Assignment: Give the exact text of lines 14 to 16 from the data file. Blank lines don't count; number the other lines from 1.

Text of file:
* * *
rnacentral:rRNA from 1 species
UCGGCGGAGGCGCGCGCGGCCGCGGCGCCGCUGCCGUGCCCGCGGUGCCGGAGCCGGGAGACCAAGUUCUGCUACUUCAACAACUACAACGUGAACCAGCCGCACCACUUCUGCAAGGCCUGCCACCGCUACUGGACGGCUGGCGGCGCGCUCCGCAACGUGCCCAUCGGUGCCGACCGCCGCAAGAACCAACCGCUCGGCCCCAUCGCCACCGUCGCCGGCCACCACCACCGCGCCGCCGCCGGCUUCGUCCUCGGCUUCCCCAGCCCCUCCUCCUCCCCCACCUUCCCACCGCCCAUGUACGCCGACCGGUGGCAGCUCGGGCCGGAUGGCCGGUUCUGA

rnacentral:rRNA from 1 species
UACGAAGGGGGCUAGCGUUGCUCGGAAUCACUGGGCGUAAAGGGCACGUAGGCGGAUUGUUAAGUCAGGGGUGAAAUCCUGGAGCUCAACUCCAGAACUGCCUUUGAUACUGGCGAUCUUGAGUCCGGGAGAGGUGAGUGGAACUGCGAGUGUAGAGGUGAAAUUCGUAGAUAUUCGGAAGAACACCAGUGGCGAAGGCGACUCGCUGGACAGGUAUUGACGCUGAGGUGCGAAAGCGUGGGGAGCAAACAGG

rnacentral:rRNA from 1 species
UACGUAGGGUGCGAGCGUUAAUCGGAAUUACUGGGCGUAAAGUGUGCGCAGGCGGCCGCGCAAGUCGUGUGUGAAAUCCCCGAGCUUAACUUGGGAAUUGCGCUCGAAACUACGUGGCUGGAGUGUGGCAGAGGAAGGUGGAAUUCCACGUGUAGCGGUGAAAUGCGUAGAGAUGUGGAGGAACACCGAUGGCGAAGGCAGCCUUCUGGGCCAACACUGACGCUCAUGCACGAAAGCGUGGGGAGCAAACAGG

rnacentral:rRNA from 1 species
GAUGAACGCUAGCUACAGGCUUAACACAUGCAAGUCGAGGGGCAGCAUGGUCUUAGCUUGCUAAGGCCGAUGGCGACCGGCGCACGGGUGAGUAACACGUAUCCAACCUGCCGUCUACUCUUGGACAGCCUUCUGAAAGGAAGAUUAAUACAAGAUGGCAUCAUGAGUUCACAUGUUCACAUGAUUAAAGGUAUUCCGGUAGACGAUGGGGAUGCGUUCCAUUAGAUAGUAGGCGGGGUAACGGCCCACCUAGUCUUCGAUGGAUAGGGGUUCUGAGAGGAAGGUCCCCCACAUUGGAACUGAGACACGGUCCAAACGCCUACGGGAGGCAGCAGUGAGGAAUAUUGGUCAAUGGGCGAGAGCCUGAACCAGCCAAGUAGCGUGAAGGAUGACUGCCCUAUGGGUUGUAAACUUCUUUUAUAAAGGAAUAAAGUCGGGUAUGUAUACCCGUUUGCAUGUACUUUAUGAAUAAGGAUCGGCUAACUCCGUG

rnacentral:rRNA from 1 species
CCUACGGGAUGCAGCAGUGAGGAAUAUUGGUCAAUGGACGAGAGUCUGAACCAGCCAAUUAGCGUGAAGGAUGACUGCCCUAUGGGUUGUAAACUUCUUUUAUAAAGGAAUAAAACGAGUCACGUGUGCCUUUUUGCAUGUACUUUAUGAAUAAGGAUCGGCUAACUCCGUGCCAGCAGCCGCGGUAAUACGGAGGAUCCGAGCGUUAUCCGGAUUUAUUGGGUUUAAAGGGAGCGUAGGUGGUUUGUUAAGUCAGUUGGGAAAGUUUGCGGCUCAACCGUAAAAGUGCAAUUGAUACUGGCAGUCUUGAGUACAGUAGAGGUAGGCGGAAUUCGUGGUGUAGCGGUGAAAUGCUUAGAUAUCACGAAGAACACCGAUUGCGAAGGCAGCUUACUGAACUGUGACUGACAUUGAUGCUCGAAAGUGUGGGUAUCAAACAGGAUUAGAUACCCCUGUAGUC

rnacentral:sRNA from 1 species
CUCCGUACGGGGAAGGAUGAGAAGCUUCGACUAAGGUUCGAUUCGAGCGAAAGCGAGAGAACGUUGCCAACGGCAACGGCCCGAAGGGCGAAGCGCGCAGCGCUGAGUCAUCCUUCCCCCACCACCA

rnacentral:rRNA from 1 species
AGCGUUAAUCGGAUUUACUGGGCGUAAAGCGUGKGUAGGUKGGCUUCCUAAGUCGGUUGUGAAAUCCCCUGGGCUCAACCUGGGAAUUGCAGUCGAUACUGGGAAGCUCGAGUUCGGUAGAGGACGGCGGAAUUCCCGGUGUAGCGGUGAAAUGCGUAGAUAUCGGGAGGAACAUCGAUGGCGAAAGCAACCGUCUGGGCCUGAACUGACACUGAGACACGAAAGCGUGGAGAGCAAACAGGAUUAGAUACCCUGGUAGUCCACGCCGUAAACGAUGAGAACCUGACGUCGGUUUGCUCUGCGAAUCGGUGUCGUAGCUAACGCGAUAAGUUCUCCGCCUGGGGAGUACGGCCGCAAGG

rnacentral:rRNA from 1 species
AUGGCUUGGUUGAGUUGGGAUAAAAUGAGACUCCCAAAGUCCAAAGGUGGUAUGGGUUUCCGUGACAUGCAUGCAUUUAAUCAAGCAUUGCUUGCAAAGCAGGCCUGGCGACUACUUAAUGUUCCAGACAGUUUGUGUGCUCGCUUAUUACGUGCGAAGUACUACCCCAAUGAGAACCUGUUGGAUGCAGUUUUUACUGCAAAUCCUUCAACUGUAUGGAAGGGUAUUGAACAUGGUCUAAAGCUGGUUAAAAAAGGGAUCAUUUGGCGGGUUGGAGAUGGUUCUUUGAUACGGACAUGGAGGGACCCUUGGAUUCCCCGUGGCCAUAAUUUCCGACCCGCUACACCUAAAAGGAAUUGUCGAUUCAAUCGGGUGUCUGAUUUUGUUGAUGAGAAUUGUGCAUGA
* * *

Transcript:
AGCGUUAAUCGGAUUUACUGGGCGUAAAGCGUGKGUAGGUKGGCUUCCUAAGUCGGUUGUGAAAUCCCCUGGGCUCAACCUGGGAAUUGCAGUCGAUACUGGGAAGCUCGAGUUCGGUAGAGGACGGCGGAAUUCCCGGUGUAGCGGUGAAAUGCGUAGAUAUCGGGAGGAACAUCGAUGGCGAAAGCAACCGUCUGGGCCUGAACUGACACUGAGACACGAAAGCGUGGAGAGCAAACAGGAUUAGAUACCCUGGUAGUCCACGCCGUAAACGAUGAGAACCUGACGUCGGUUUGCUCUGCGAAUCGGUGUCGUAGCUAACGCGAUAAGUUCUCCGCCUGGGGAGUACGGCCGCAAGG

rnacentral:rRNA from 1 species
AUGGCUUGGUUGAGUUGGGAUAAAAUGAGACUCCCAAAGUCCAAAGGUGGUAUGGGUUUCCGUGACAUGCAUGCAUUUAAUCAAGCAUUGCUUGCAAAGCAGGCCUGGCGACUACUUAAUGUUCCAGACAGUUUGUGUGCUCGCUUAUUACGUGCGAAGUACUACCCCAAUGAGAACCUGUUGGAUGCAGUUUUUACUGCAAAUCCUUCAACUGUAUGGAAGGGUAUUGAACAUGGUCUAAAGCUGGUUAAAAAAGGGAUCAUUUGGCGGGUUGGAGAUGGUUCUUUGAUACGGACAUGGAGGGACCCUUGGAUUCCCCGUGGCCAUAAUUUCCGACCCGCUACACCUAAAAGGAAUUGUCGAUUCAAUCGGGUGUCUGAUUUUGUUGAUGAGAAUUGUGCAUGA